First published as a standalone volume on February 2, 1922, James Joyce’s Ulysses turns one hundred this week. Even if you have never immersed yourself in the modern reimagining of Homer’s seafaring epic, a related phrase may have drifted across your awareness: the name for a narrative technique employed by Joyce, Djuna Barnes, Jean Toomer, Virginia Woolf, and myriad other writers that rub shoulders within the ever-bulging periodic and aesthetic borders of modernist literature: stream of consciousness.
Scholars believe “stream of consciousness” was first used as a description of literary style by the British writer May Sinclair, during a review of Dorothy Richardson’s novels for The Egoist in 1918. Eschewing the “philosophical cant of the nineteenth century” — mannered depictions of the world that passed for “realism” — May prefers the mess of the mind. “Reality is thick and deep, too thick and too deep, and at the same time too fluid to be cut with any convenient carving-knife.” To capture this fluidity, the novelist must “plunge in”, which Richardson does in her monumental thirteen-novel Pilgrimage sequence. “In this series there is no drama, no situation, no set scene. Nothing happens. It is just life going on and going. It is Miriam Henderson’s stream of consciousness going on and on”, writes May. Although James Wood and others have argued that there is nothing uniquely modernist about representing “the movement of the mind” upon the page, the psychological theory of mind that informs May’s review can be traced to a chapter in William James’ The Principles of Psychology (1890).
Harvard professor, physician, investigator of psychic communication, “father of American psychology”, and the brother of novelist Henry James, William James begins “The Stream of Thought” by acknowledging that any psychological vocabulary will be rough-hewn when it comes to the fine-cut facets of mental phenomena, comparing what follows to “a painter’s first charcoal sketch upon his canvas, in which no niceties appear”. But the psychologist is being modest, for he immediately launches into a polished discussion of “anesthetic somnambulists”, subconscious personages, and the possibility of thoughts existing without a thinker. This is all a preface for the larger concept: that our minds seem to ebb and flow with ideas, while emotions behave almost tidally, rising and falling in relation to intangible forces, as if a moon presses gravitationally upon our psychic seas.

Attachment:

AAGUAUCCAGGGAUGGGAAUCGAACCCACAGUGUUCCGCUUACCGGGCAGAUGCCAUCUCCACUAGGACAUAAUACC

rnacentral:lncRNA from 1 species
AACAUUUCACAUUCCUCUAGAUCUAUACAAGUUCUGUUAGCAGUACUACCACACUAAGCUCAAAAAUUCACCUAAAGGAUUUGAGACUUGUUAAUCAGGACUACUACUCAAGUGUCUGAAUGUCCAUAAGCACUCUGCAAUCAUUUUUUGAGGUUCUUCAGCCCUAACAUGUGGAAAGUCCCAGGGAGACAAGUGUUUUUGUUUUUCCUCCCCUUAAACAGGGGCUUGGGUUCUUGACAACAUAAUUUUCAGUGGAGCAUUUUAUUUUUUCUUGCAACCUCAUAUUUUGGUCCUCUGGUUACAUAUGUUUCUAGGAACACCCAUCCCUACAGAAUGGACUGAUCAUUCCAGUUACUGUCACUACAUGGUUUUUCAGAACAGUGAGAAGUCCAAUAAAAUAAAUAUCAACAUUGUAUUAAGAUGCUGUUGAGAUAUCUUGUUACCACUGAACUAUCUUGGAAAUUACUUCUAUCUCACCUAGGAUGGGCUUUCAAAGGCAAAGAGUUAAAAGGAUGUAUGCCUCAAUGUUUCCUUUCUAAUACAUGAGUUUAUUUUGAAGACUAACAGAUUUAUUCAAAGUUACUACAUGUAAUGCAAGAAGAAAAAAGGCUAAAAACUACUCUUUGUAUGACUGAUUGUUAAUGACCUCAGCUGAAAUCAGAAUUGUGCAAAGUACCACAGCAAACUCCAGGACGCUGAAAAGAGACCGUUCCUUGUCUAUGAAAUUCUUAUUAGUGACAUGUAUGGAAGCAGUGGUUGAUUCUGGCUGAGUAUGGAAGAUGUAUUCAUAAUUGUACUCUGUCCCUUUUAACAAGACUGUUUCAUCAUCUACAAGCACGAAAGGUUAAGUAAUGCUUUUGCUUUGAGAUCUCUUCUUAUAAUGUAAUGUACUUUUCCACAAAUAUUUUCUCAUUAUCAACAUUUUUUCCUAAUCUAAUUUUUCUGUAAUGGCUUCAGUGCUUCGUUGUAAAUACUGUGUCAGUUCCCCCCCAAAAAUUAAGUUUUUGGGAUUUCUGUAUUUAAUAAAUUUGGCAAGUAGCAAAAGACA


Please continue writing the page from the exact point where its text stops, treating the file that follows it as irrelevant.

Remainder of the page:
James was not the first to analogize the mind as a river — Alexander Bain had used the phrase “stream of consciousness” in 1855 and the Buddhist concept of “mindstream” (citta-santāna), characterizes selfhood in a similar way. In The Principles of Psychology, “the stream of thought” becomes a carefully chosen image for the flux of subjectivity: how ideas, feelings, and sensations, both present and past, cohere into the experience of a continuous self, that ever-present “I”, which meanders through the mind from childhood until our deaths and possibly beyond. Invoking Heraclitus by name, James repurposes his idea — that a person can never wade into the same river twice: “no state once gone can recur and be identical with what it was before. . . . In talking of it hereafter, let us call it the stream of thought, of consciousness, or of subjective life.” Beneath this stream, to continue his fluvial metaphor, sits the silt and pebbled bed of the unconscious, voluntary and involuntary memories, and even alternative persona. In contrast to the theories of Pierre Janet, Jean-Martin Charcot, and other early psychologists who practiced at the Pitié-Salpêtrière Hospital in Paris (and cultivated damaging theories regarding female hysteria), James thought “the fact that the mind contains multiple streams of consciousness which at times rise to the surface was not something to be feared”, writes Alicia Puglionesi. In other words, the self contains multitudes and always has.
If consciousness is a stream, what are the banks and channels that guide its course? James alighted on a concern that would preoccupy spelunkers of cognition in the decades to follow: the deadening effects of habit, the diminishing returns of repetitive pleasures, whether gustatorial, aesthetic, or spiritual. As if trying to refresh the perception of his reader’s glazed eyes, James lapses literary when addressing the topic, assuming the voice of a world-weary male: